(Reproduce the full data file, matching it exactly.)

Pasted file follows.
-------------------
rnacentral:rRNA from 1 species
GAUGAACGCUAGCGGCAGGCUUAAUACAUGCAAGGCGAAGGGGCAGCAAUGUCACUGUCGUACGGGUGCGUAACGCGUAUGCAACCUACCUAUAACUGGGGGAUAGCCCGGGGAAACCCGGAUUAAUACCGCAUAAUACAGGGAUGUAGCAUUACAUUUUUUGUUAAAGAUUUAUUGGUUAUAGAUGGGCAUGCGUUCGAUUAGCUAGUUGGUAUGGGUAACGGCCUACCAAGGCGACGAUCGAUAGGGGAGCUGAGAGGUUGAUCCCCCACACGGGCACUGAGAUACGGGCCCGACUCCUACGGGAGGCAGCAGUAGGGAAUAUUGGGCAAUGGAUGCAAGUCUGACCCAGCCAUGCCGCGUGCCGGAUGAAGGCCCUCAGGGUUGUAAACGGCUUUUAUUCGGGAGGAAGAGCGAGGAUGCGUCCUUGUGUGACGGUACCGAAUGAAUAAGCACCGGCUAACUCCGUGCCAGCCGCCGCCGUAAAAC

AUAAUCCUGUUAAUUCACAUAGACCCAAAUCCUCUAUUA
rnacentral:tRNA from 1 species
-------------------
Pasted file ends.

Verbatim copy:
rnacentral:rRNA from 1 species
GAUGAACGCUAGCGGCAGGCUUAAUACAUGCAAGGCGAAGGGGCAGCAAUGUCACUGUCGUACGGGUGCGUAACGCGUAUGCAACCUACCUAUAACUGGGGGAUAGCCCGGGGAAACCCGGAUUAAUACCGCAUAAUACAGGGAUGUAGCAUUACAUUUUUUGUUAAAGAUUUAUUGGUUAUAGAUGGGCAUGCGUUCGAUUAGCUAGUUGGUAUGGGUAACGGCCUACCAAGGCGACGAUCGAUAGGGGAGCUGAGAGGUUGAUCCCCCACACGGGCACUGAGAUACGGGCCCGACUCCUACGGGAGGCAGCAGUAGGGAAUAUUGGGCAAUGGAUGCAAGUCUGACCCAGCCAUGCCGCGUGCCGGAUGAAGGCCCUCAGGGUUGUAAACGGCUUUUAUUCGGGAGGAAGAGCGAGGAUGCGUCCUUGUGUGACGGUACCGAAUGAAUAAGCACCGGCUAACUCCGUGCCAGCCGCCGCCGUAAAAC

AUAAUCCUGUUAAUUCACAUAGACCCAAAUCCUCUAUUA
rnacentral:tRNA from 1 species